If you want to get a taste of Athens, then create your own Athens Food Tour! You won’t have to travel far to get a taste of everything Athens has to offer. We didn’t have the time for an organized food tour this trip, so we decided to create our own and try things along the way.
Flashback to 2019:
Let’s just say, we didn’t have any trouble finding delicious food while we were visiting Athens, and we even have two vegans to account for. Rather than an organized food tour, we just sampled food as we explored the city. It helped that we looked up which dishes to try before we arrived, that way when we spotted them we stopped for a taste.
We recommend starting at Monastiraki Square and explore that general area and then make you way down Athinias Street to the Athens Central Market. If you cover these two general areas on your own, you won’t be disappointed. We’ve created a map and marked a few of the locations for you to explore.
Our self-created Athens Food Tour
Here are some foods to look for and to try.
Skewers of meat are Souvlaki plural souvlakia, is a popular Greek fast food consisting of small pieces of meat and sometimes vegetables grilled on a skewer.
Falafel is a deep-fried ball, or a flat or doughnut-shaped patty, made from ground chickpeas, fava beans, or both. Herbs, spices, and onion relatives are commonly added to the dough. This is the falafel platter at Savvas near Monastiraki Square.
A gyro or gyros is a Greek dish made from meat cooked on a vertical rotisserie. Like a doner kebab, shawarma, or tacos al pastor. Then stuffed into pita bread and topped with veggies and yogurt sauce. This is certainly a family favorite. Now that the kids are vegan, they go for the falafel.
This is a wonderful sauce made from yogurt mixed with cucumbers, garlic, salt, olive oil, sometimes with vinegar or lemon juice, and herbs such as dill, mint, parsley, and thyme. You can see it in the photos above as a topping on the dishes.
A great vegetarian appetizer made from tender vine leaves wrapped into little rolls and stuffed with rice and fresh herbs, with a touch of lemon. Sometimes meat is also included in the stuffing.
Baklava is a rich, sweet dessert pastry made of layers of filo filled with chopped nuts and sweetened and held together with syrup or honey. Yum!
This is a Greek dessert of semolina custard filled in filo and topped with honey or syrup. It’s also known as a milk pie.
Feta is a brined curd white cheese made in Greece from sheep’s milk or from a mixture of sheep and goat’s milk. Feta is nice and crumbly cheese, perfect for topping a salad, having on bread, served with olives or even in pastries, like a spinach filo pie!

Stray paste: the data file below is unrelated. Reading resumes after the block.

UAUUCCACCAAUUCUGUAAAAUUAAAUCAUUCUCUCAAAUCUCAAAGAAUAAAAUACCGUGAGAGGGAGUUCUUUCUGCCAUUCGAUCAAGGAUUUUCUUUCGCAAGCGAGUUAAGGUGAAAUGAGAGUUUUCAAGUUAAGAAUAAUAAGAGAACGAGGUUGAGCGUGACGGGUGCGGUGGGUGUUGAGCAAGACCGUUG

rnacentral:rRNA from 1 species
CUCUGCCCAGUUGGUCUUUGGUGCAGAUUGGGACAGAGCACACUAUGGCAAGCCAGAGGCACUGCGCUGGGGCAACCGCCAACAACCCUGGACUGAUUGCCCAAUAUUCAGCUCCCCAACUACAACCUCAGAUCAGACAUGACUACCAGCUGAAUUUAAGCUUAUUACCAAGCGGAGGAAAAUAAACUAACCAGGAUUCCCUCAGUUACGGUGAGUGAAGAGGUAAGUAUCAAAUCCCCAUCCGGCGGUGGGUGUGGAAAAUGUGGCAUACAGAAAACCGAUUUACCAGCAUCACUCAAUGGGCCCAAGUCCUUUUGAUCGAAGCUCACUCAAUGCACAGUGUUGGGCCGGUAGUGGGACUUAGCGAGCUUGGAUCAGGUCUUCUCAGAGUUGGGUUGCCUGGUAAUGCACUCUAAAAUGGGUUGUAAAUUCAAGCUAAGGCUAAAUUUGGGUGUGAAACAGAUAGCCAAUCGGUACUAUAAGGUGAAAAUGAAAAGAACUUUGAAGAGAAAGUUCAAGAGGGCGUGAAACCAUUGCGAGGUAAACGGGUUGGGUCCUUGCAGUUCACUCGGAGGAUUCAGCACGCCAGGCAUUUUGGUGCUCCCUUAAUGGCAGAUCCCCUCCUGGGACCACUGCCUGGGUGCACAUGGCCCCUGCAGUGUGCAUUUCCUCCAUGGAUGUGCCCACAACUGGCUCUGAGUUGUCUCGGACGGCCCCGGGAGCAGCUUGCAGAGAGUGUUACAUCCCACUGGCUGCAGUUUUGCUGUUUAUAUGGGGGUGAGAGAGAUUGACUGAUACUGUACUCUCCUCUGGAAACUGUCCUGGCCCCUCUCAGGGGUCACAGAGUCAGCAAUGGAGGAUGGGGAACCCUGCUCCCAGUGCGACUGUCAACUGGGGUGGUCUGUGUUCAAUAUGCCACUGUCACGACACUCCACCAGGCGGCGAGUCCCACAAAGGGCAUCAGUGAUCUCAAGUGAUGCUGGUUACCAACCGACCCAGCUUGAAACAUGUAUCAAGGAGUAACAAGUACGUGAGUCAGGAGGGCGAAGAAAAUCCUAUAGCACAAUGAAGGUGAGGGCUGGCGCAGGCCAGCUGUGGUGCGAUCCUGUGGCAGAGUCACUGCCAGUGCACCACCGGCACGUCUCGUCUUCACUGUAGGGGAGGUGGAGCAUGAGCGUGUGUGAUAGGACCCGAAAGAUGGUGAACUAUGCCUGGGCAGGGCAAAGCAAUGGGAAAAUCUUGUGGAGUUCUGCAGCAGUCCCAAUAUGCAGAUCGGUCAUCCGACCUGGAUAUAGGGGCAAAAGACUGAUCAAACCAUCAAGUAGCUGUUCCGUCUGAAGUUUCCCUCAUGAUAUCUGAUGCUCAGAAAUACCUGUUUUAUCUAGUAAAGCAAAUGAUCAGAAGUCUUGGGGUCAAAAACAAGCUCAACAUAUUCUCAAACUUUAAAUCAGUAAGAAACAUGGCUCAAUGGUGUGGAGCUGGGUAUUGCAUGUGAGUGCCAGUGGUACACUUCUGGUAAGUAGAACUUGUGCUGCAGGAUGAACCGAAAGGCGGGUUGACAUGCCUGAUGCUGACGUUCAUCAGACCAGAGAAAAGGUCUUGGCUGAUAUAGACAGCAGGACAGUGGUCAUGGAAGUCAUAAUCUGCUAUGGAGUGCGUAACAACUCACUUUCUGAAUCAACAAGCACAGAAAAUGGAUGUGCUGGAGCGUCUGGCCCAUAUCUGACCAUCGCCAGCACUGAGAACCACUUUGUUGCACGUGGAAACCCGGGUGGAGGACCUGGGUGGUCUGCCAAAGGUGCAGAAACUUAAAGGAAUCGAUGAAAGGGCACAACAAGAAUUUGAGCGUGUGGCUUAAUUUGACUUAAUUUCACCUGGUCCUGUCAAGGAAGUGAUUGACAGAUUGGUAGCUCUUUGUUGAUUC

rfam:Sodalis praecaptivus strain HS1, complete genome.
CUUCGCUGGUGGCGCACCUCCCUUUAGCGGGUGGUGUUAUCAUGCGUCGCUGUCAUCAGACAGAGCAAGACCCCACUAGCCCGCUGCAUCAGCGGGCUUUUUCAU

Greek Kalamata Olives
The Kalamata olive is purple in color with a hearty texture. It is named after the city of Kalamata in the southern Peloponnese, Greece. These are most commonly used as table olives and are typically preserved in wine vinegar or olive oil.
This is a ring-shaped bread topped with seeds, usually sesame seeds. It looks like a bagel, but with the center hole very large. It is also known well in Turkey and has been referred to as a Turkish Bagel as well. This is wonderful paired with the olives and feta!
A fried dough delight, drenched in golden honey. These are little balls of fried dough, similar to a donut hole. Then topped with sweet and sticky honey.
Check out this recipe from My Greek Dish and it is their photo below.
Spice street in Athens- Evripidou
As soon as you near this street the aroma and smells lure you in further. We had a great time roaming around this area. There were plenty of treats to be found and even a shop dedicated to selling just flour! Read more on the full guide to Evripidou Street (the spice street) here.
Greek Desserts & Greek Pastries
There are bakeries absolutely everywhere! If you have a sweet tooth, this is the place to be for sure. We loved the presentation, prices, and tastes from a place at our main metro stop at Monastiraki square, named Beneth. Beneth is a chain of bakeries in Athens and the quality and value for money is great, but the sights and smells when you walk in are to die for! This was a frequent stop.